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Mental skills in the elderly: lost and found.

Mental Skills in the Elderly: Lost and Found

It is a common assumption that aging often impairs the ability to think and reason. But declines in two important types of intellectual function among the elderly are largely avoidable and, in many cases, quickly counteracted by supervised training, according to psychologist at Pennsylvania State University in University Park. Furthermore, report K. Warner Schaie and Sherry L. Willis in the March DEVELOPMENTAL PSYCHOLOGY, the same training boosts the performance of a substantial number of older adults whose intellectual abilities have remained stable.

"There are different types of decline in thinking ability with age, some of which are associated with neurologic loss," says Willis, "but for many older adults we think our data indicate that decline occurs because they don't use acquired skills as much as they used to."

Not all investigators are confident that training can pump up fundamental thinking skills, but Willis points out that this is the first study to chart intellectual decline over time and then examine training effects. A number of studies have shown that training techniques improve the performance of elderly subjects on tests of memory, reasoning and problem solving, she notes, but researchers do not know whether these approaches remedy a loss of function or bolster the skills of people suffering no decline.

Schaie and Willis addressed this problem by comparing measures of the same thinking skills -- inductive reasoning and spatial orientation -- obtained from 229 healthy adult volunteers in 1970 and in 1984. Subjects, recruited from a health maintenance organization near Seattle, were screened for neurologic and mental disorders and ranged in age from 64 to 95 years by the end of the study. A significant decline on one or both of the measures occured among 122 subjects; the rest remained stable.

Inductive reasoning was assessed by showing subjects several series of letters, numbers and words. They were asked to find the pattern in a series and select the next element from among five choices. Spatial orientation involved the ability to mentally rotate two- and three- dimensional objects.

Subjects then were assigned to five-hour training sessions in reasoning or spatial orientation. Those declining in one area took training in that ability; subjects who declined in both areas or who remained stable were randomly assigned to a training program. Training concentrated on practice problems and strategies to improve performance, such as underlining repeated letters in a series or focusing on two or more features of a figure during rotation.

More than 60 percent of subjects whose performance had declined in one or both areas since 1970 achieved markedly higher scores after training; 40 percent scored as high as their 1970 performance levels. More than half of the subjects whose scores remained stable over the 14 years also showed significant improvement after training on either ability. Training effects, say the researchers, were unrelated to differences in age, education and income.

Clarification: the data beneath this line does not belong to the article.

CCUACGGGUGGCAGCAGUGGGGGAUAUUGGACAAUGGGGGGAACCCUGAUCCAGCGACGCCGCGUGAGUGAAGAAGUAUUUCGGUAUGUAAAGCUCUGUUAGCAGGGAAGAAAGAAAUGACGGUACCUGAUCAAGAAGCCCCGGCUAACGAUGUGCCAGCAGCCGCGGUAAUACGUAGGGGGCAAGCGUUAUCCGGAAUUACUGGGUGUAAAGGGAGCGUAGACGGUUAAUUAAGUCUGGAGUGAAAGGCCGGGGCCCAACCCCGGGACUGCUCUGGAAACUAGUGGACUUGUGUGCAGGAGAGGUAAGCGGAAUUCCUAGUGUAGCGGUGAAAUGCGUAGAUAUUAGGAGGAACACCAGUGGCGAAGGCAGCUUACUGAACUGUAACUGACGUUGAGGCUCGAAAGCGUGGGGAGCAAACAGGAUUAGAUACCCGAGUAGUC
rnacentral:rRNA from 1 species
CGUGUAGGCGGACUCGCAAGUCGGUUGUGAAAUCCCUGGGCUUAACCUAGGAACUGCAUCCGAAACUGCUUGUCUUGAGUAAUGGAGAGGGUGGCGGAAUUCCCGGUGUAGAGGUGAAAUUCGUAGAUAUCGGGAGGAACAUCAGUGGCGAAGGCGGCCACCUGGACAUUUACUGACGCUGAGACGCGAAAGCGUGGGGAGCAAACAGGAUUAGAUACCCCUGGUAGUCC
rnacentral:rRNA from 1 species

In other words, says Willis, relatively simple training techniques reversed declines in two primary intellectual abilities and improved performance among the considerable proportion of subjects -- almost 47 percent -- whose scores remained stable. The training has practical consequences, she adds. Reasoning skills relate to everyday tasks such as understanding instructions on medicine bottles and food labels, and spatial ability aids in navigating neighborhoods and buildings and in reading road maps.

Other investigators of adult development are impressed with the study but caution that its meaning is not yet clear. "I'd put (Schaie and Willis's) interpretations on hold until there's more data on health and history of heart disease among their subjects," says psychologist James E. Birren of the University of Southern California in Los Angeles. Physical ailments, particularly coronary disease, have been linked to intellectual decline.

"The study was meticulous," adds Birren, "but the researchers may be measuring something other than basic intellectual capacities. I wouldn't expect fundamental abilities to change so much after only five hours of training."

Psychologist John L. Horn of the University of Denver agrees that "this is a very important study if it's replicable, but it's really not known if reasoning or spatial orientation tests apply to general types of thinking."

Further long-term studies are needed, says Horn, to examine whether training specifically helps the elderly or has comparable effects on subjects followed from youth to middle age. "I don't want to set up false hopes for people," he notes.

In their report, however, Schaie and Willis stress that the improvement and reversal of decline they demonstrated "may be a rather conservative estimate of what could be achieved by more extensive programs of this kind." The "$64,000 question," adds Willis, is: What distinguishes the older adults who responded to training from those who were not helped?

B. Bower
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Author:Bower, Bruce
Publication:Science News
Date:Apr 19, 1986
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